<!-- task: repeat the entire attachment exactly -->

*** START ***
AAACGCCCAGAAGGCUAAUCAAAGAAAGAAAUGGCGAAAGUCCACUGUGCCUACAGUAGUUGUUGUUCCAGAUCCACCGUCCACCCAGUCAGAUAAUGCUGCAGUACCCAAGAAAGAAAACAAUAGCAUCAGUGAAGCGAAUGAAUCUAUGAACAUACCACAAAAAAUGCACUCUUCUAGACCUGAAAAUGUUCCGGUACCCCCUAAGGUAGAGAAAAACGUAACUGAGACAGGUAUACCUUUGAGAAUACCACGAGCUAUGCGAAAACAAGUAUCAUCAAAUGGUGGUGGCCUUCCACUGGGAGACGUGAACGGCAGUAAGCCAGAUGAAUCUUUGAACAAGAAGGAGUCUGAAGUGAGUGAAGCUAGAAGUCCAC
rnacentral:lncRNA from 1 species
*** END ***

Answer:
AAACGCCCAGAAGGCUAAUCAAAGAAAGAAAUGGCGAAAGUCCACUGUGCCUACAGUAGUUGUUGUUCCAGAUCCACCGUCCACCCAGUCAGAUAAUGCUGCAGUACCCAAGAAAGAAAACAAUAGCAUCAGUGAAGCGAAUGAAUCUAUGAACAUACCACAAAAAAUGCACUCUUCUAGACCUGAAAAUGUUCCGGUACCCCCUAAGGUAGAGAAAAACGUAACUGAGACAGGUAUACCUUUGAGAAUACCACGAGCUAUGCGAAAACAAGUAUCAUCAAAUGGUGGUGGCCUUCCACUGGGAGACGUGAACGGCAGUAAGCCAGAUGAAUCUUUGAACAAGAAGGAGUCUGAAGUGAGUGAAGCUAGAAGUCCAC
rnacentral:lncRNA from 1 species